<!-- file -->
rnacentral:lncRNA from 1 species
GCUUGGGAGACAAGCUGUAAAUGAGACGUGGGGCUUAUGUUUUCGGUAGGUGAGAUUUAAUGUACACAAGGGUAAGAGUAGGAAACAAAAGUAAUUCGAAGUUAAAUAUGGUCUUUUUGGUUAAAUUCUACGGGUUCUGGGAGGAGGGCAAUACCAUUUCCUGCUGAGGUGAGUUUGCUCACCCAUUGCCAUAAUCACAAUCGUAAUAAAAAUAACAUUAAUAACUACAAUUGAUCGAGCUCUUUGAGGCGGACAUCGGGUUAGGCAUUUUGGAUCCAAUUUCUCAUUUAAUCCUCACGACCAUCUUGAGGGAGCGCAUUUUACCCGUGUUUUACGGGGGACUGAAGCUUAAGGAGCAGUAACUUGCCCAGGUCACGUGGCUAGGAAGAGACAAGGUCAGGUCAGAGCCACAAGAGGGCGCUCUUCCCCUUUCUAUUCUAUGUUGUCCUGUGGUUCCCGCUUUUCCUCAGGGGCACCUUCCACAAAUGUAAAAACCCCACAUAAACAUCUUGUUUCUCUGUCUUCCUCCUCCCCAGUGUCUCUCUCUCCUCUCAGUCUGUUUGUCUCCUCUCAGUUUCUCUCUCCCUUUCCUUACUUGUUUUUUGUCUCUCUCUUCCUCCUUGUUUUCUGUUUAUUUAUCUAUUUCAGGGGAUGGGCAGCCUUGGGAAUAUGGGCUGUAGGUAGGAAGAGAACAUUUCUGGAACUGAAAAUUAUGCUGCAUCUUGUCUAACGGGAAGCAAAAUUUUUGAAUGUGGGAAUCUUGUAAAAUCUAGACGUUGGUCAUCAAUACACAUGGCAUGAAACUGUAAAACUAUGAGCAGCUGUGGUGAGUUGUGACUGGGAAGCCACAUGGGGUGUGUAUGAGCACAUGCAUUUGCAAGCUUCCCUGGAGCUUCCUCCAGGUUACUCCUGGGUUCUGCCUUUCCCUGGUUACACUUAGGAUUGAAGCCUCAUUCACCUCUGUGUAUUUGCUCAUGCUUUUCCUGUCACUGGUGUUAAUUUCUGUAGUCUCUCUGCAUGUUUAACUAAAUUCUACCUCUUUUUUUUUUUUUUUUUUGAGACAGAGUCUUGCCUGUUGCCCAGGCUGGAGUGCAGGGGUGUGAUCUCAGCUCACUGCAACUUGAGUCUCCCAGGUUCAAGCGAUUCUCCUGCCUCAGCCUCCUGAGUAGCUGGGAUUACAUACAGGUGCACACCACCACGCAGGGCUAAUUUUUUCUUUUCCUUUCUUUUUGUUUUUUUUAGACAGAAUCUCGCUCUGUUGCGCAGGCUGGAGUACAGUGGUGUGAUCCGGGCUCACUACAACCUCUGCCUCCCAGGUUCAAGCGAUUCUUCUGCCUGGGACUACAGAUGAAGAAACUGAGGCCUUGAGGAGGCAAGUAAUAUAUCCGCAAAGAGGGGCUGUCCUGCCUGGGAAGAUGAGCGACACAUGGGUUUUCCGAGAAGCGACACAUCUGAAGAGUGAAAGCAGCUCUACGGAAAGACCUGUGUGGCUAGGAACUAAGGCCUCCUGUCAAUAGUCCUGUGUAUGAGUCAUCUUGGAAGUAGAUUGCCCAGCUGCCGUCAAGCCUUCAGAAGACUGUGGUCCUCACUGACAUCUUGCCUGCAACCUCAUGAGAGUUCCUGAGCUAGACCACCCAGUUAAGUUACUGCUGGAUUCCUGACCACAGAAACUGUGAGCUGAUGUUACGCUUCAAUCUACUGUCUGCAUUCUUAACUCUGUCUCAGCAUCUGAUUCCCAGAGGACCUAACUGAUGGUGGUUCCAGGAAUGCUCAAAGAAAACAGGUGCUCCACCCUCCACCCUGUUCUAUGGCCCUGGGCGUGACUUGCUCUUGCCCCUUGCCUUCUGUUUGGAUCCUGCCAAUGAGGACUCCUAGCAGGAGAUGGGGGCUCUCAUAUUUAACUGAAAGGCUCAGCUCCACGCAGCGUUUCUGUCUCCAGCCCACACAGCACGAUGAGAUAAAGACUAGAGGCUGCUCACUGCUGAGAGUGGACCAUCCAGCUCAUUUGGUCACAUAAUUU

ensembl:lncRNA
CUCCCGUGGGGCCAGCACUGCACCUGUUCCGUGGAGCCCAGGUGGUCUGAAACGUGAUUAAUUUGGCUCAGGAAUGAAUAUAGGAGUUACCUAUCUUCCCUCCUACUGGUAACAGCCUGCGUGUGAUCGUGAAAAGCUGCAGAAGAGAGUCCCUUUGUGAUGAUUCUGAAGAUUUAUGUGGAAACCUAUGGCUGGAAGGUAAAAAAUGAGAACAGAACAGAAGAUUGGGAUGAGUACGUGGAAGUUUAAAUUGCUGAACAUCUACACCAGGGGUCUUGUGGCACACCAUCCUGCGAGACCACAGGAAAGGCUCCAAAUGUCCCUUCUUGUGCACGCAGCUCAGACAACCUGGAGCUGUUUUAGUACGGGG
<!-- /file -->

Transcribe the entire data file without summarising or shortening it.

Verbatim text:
rnacentral:lncRNA from 1 species
GCUUGGGAGACAAGCUGUAAAUGAGACGUGGGGCUUAUGUUUUCGGUAGGUGAGAUUUAAUGUACACAAGGGUAAGAGUAGGAAACAAAAGUAAUUCGAAGUUAAAUAUGGUCUUUUUGGUUAAAUUCUACGGGUUCUGGGAGGAGGGCAAUACCAUUUCCUGCUGAGGUGAGUUUGCUCACCCAUUGCCAUAAUCACAAUCGUAAUAAAAAUAACAUUAAUAACUACAAUUGAUCGAGCUCUUUGAGGCGGACAUCGGGUUAGGCAUUUUGGAUCCAAUUUCUCAUUUAAUCCUCACGACCAUCUUGAGGGAGCGCAUUUUACCCGUGUUUUACGGGGGACUGAAGCUUAAGGAGCAGUAACUUGCCCAGGUCACGUGGCUAGGAAGAGACAAGGUCAGGUCAGAGCCACAAGAGGGCGCUCUUCCCCUUUCUAUUCUAUGUUGUCCUGUGGUUCCCGCUUUUCCUCAGGGGCACCUUCCACAAAUGUAAAAACCCCACAUAAACAUCUUGUUUCUCUGUCUUCCUCCUCCCCAGUGUCUCUCUCUCCUCUCAGUCUGUUUGUCUCCUCUCAGUUUCUCUCUCCCUUUCCUUACUUGUUUUUUGUCUCUCUCUUCCUCCUUGUUUUCUGUUUAUUUAUCUAUUUCAGGGGAUGGGCAGCCUUGGGAAUAUGGGCUGUAGGUAGGAAGAGAACAUUUCUGGAACUGAAAAUUAUGCUGCAUCUUGUCUAACGGGAAGCAAAAUUUUUGAAUGUGGGAAUCUUGUAAAAUCUAGACGUUGGUCAUCAAUACACAUGGCAUGAAACUGUAAAACUAUGAGCAGCUGUGGUGAGUUGUGACUGGGAAGCCACAUGGGGUGUGUAUGAGCACAUGCAUUUGCAAGCUUCCCUGGAGCUUCCUCCAGGUUACUCCUGGGUUCUGCCUUUCCCUGGUUACACUUAGGAUUGAAGCCUCAUUCACCUCUGUGUAUUUGCUCAUGCUUUUCCUGUCACUGGUGUUAAUUUCUGUAGUCUCUCUGCAUGUUUAACUAAAUUCUACCUCUUUUUUUUUUUUUUUUUUGAGACAGAGUCUUGCCUGUUGCCCAGGCUGGAGUGCAGGGGUGUGAUCUCAGCUCACUGCAACUUGAGUCUCCCAGGUUCAAGCGAUUCUCCUGCCUCAGCCUCCUGAGUAGCUGGGAUUACAUACAGGUGCACACCACCACGCAGGGCUAAUUUUUUCUUUUCCUUUCUUUUUGUUUUUUUUAGACAGAAUCUCGCUCUGUUGCGCAGGCUGGAGUACAGUGGUGUGAUCCGGGCUCACUACAACCUCUGCCUCCCAGGUUCAAGCGAUUCUUCUGCCUGGGACUACAGAUGAAGAAACUGAGGCCUUGAGGAGGCAAGUAAUAUAUCCGCAAAGAGGGGCUGUCCUGCCUGGGAAGAUGAGCGACACAUGGGUUUUCCGAGAAGCGACACAUCUGAAGAGUGAAAGCAGCUCUACGGAAAGACCUGUGUGGCUAGGAACUAAGGCCUCCUGUCAAUAGUCCUGUGUAUGAGUCAUCUUGGAAGUAGAUUGCCCAGCUGCCGUCAAGCCUUCAGAAGACUGUGGUCCUCACUGACAUCUUGCCUGCAACCUCAUGAGAGUUCCUGAGCUAGACCACCCAGUUAAGUUACUGCUGGAUUCCUGACCACAGAAACUGUGAGCUGAUGUUACGCUUCAAUCUACUGUCUGCAUUCUUAACUCUGUCUCAGCAUCUGAUUCCCAGAGGACCUAACUGAUGGUGGUUCCAGGAAUGCUCAAAGAAAACAGGUGCUCCACCCUCCACCCUGUUCUAUGGCCCUGGGCGUGACUUGCUCUUGCCCCUUGCCUUCUGUUUGGAUCCUGCCAAUGAGGACUCCUAGCAGGAGAUGGGGGCUCUCAUAUUUAACUGAAAGGCUCAGCUCCACGCAGCGUUUCUGUCUCCAGCCCACACAGCACGAUGAGAUAAAGACUAGAGGCUGCUCACUGCUGAGAGUGGACCAUCCAGCUCAUUUGGUCACAUAAUUU

ensembl:lncRNA
CUCCCGUGGGGCCAGCACUGCACCUGUUCCGUGGAGCCCAGGUGGUCUGAAACGUGAUUAAUUUGGCUCAGGAAUGAAUAUAGGAGUUACCUAUCUUCCCUCCUACUGGUAACAGCCUGCGUGUGAUCGUGAAAAGCUGCAGAAGAGAGUCCCUUUGUGAUGAUUCUGAAGAUUUAUGUGGAAACCUAUGGCUGGAAGGUAAAAAAUGAGAACAGAACAGAAGAUUGGGAUGAGUACGUGGAAGUUUAAAUUGCUGAACAUCUACACCAGGGGUCUUGUGGCACACCAUCCUGCGAGACCACAGGAAAGGCUCCAAAUGUCCCUUCUUGUGCACGCAGCUCAGACAACCUGGAGCUGUUUUAGUACGGGG